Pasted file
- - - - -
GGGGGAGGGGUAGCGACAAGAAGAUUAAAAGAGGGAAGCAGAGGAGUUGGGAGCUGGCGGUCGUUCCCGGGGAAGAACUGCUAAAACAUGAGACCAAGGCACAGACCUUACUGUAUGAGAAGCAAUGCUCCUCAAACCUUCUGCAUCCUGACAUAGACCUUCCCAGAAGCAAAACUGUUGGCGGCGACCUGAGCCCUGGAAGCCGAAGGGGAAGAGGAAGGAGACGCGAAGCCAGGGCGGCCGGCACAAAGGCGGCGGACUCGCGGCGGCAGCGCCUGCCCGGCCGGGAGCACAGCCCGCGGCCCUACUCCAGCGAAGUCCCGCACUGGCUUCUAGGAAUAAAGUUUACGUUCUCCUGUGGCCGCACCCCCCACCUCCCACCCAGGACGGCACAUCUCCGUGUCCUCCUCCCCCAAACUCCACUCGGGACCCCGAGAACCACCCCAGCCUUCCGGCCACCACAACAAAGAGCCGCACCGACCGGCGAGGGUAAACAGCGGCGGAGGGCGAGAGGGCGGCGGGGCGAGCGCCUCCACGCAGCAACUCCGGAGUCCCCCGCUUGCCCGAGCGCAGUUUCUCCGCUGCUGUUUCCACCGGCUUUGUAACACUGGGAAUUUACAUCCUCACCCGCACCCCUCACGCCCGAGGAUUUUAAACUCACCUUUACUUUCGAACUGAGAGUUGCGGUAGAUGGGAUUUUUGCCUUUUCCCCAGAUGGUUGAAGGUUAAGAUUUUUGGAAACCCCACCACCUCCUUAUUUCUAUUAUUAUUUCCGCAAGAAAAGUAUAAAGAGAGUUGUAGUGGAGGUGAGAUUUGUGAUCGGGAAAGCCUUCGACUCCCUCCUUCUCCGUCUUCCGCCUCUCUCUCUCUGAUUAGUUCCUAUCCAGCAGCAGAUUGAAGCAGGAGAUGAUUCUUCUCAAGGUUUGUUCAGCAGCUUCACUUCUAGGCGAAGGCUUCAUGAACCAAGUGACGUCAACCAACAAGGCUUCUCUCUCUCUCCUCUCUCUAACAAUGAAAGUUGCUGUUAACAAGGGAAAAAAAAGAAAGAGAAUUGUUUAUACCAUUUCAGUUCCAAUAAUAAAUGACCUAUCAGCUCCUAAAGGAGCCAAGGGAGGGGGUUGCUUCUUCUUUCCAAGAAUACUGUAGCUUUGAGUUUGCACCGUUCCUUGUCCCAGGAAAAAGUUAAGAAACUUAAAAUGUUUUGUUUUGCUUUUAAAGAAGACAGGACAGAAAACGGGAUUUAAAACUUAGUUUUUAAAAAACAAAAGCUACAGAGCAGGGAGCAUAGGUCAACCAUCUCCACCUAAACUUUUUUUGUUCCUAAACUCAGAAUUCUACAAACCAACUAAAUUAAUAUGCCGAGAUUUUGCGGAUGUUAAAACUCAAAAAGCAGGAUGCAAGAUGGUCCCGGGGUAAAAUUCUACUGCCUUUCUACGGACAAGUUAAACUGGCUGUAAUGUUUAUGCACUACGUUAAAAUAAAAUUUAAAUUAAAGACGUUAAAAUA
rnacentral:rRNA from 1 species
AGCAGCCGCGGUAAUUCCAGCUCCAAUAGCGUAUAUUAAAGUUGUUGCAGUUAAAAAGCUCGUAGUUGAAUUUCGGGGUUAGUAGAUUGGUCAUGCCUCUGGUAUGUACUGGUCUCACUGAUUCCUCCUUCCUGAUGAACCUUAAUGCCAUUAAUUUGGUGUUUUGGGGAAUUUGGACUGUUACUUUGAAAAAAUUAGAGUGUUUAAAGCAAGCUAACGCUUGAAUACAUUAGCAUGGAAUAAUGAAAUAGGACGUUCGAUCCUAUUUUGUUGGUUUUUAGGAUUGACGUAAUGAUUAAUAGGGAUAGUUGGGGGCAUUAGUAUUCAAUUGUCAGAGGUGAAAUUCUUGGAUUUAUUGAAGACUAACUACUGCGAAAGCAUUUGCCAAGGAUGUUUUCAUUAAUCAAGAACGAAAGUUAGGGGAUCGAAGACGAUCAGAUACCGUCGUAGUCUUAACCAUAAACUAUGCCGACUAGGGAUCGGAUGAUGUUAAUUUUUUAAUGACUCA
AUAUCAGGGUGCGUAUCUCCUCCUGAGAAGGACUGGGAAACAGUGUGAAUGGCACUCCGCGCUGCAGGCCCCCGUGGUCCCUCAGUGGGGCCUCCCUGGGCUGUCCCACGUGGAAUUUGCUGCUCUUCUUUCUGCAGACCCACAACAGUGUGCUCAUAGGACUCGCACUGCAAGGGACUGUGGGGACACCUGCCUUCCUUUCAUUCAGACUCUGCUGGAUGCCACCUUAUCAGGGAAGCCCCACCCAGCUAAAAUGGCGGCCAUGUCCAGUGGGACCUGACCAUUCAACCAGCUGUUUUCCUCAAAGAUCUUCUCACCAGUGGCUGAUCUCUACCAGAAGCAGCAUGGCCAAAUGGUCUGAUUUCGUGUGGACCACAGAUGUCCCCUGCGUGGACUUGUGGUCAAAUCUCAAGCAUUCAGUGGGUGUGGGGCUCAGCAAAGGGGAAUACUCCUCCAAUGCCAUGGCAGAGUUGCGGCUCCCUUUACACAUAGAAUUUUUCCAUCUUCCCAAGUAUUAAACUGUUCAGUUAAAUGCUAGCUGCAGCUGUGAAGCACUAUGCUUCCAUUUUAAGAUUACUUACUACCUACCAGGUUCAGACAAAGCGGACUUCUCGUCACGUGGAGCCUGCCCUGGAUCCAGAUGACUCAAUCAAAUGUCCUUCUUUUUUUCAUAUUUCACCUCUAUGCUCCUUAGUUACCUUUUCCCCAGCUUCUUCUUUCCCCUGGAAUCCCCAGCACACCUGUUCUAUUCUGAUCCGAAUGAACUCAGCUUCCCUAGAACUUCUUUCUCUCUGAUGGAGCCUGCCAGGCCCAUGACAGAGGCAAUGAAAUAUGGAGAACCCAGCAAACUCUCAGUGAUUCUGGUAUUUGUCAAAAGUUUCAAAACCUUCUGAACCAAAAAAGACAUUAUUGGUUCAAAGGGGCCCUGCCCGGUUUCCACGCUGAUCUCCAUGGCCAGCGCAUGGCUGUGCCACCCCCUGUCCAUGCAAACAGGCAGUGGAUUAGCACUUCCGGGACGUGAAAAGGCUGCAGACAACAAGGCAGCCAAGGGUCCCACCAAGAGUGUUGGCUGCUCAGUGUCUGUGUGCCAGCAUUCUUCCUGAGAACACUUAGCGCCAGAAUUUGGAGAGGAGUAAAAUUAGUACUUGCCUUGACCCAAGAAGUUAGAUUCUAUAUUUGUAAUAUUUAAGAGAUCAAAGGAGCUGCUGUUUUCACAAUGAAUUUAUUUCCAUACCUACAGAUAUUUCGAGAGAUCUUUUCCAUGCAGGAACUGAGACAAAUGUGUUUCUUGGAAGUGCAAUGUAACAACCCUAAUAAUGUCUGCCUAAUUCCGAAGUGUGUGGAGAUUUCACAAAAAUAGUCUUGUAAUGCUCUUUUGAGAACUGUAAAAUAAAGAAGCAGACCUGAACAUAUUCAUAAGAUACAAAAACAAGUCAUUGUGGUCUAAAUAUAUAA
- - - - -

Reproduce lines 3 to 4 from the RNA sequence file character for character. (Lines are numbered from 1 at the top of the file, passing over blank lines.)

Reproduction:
AGCAGCCGCGGUAAUUCCAGCUCCAAUAGCGUAUAUUAAAGUUGUUGCAGUUAAAAAGCUCGUAGUUGAAUUUCGGGGUUAGUAGAUUGGUCAUGCCUCUGGUAUGUACUGGUCUCACUGAUUCCUCCUUCCUGAUGAACCUUAAUGCCAUUAAUUUGGUGUUUUGGGGAAUUUGGACUGUUACUUUGAAAAAAUUAGAGUGUUUAAAGCAAGCUAACGCUUGAAUACAUUAGCAUGGAAUAAUGAAAUAGGACGUUCGAUCCUAUUUUGUUGGUUUUUAGGAUUGACGUAAUGAUUAAUAGGGAUAGUUGGGGGCAUUAGUAUUCAAUUGUCAGAGGUGAAAUUCUUGGAUUUAUUGAAGACUAACUACUGCGAAAGCAUUUGCCAAGGAUGUUUUCAUUAAUCAAGAACGAAAGUUAGGGGAUCGAAGACGAUCAGAUACCGUCGUAGUCUUAACCAUAAACUAUGCCGACUAGGGAUCGGAUGAUGUUAAUUUUUUAAUGACUCA
AUAUCAGGGUGCGUAUCUCCUCCUGAGAAGGACUGGGAAACAGUGUGAAUGGCACUCCGCGCUGCAGGCCCCCGUGGUCCCUCAGUGGGGCCUCCCUGGGCUGUCCCACGUGGAAUUUGCUGCUCUUCUUUCUGCAGACCCACAACAGUGUGCUCAUAGGACUCGCACUGCAAGGGACUGUGGGGACACCUGCCUUCCUUUCAUUCAGACUCUGCUGGAUGCCACCUUAUCAGGGAAGCCCCACCCAGCUAAAAUGGCGGCCAUGUCCAGUGGGACCUGACCAUUCAACCAGCUGUUUUCCUCAAAGAUCUUCUCACCAGUGGCUGAUCUCUACCAGAAGCAGCAUGGCCAAAUGGUCUGAUUUCGUGUGGACCACAGAUGUCCCCUGCGUGGACUUGUGGUCAAAUCUCAAGCAUUCAGUGGGUGUGGGGCUCAGCAAAGGGGAAUACUCCUCCAAUGCCAUGGCAGAGUUGCGGCUCCCUUUACACAUAGAAUUUUUCCAUCUUCCCAAGUAUUAAACUGUUCAGUUAAAUGCUAGCUGCAGCUGUGAAGCACUAUGCUUCCAUUUUAAGAUUACUUACUACCUACCAGGUUCAGACAAAGCGGACUUCUCGUCACGUGGAGCCUGCCCUGGAUCCAGAUGACUCAAUCAAAUGUCCUUCUUUUUUUCAUAUUUCACCUCUAUGCUCCUUAGUUACCUUUUCCCCAGCUUCUUCUUUCCCCUGGAAUCCCCAGCACACCUGUUCUAUUCUGAUCCGAAUGAACUCAGCUUCCCUAGAACUUCUUUCUCUCUGAUGGAGCCUGCCAGGCCCAUGACAGAGGCAAUGAAAUAUGGAGAACCCAGCAAACUCUCAGUGAUUCUGGUAUUUGUCAAAAGUUUCAAAACCUUCUGAACCAAAAAAGACAUUAUUGGUUCAAAGGGGCCCUGCCCGGUUUCCACGCUGAUCUCCAUGGCCAGCGCAUGGCUGUGCCACCCCCUGUCCAUGCAAACAGGCAGUGGAUUAGCACUUCCGGGACGUGAAAAGGCUGCAGACAACAAGGCAGCCAAGGGUCCCACCAAGAGUGUUGGCUGCUCAGUGUCUGUGUGCCAGCAUUCUUCCUGAGAACACUUAGCGCCAGAAUUUGGAGAGGAGUAAAAUUAGUACUUGCCUUGACCCAAGAAGUUAGAUUCUAUAUUUGUAAUAUUUAAGAGAUCAAAGGAGCUGCUGUUUUCACAAUGAAUUUAUUUCCAUACCUACAGAUAUUUCGAGAGAUCUUUUCCAUGCAGGAACUGAGACAAAUGUGUUUCUUGGAAGUGCAAUGUAACAACCCUAAUAAUGUCUGCCUAAUUCCGAAGUGUGUGGAGAUUUCACAAAAAUAGUCUUGUAAUGCUCUUUUGAGAACUGUAAAAUAAAGAAGCAGACCUGAACAUAUUCAUAAGAUACAAAAACAAGUCAUUGUGGUCUAAAUAUAUAA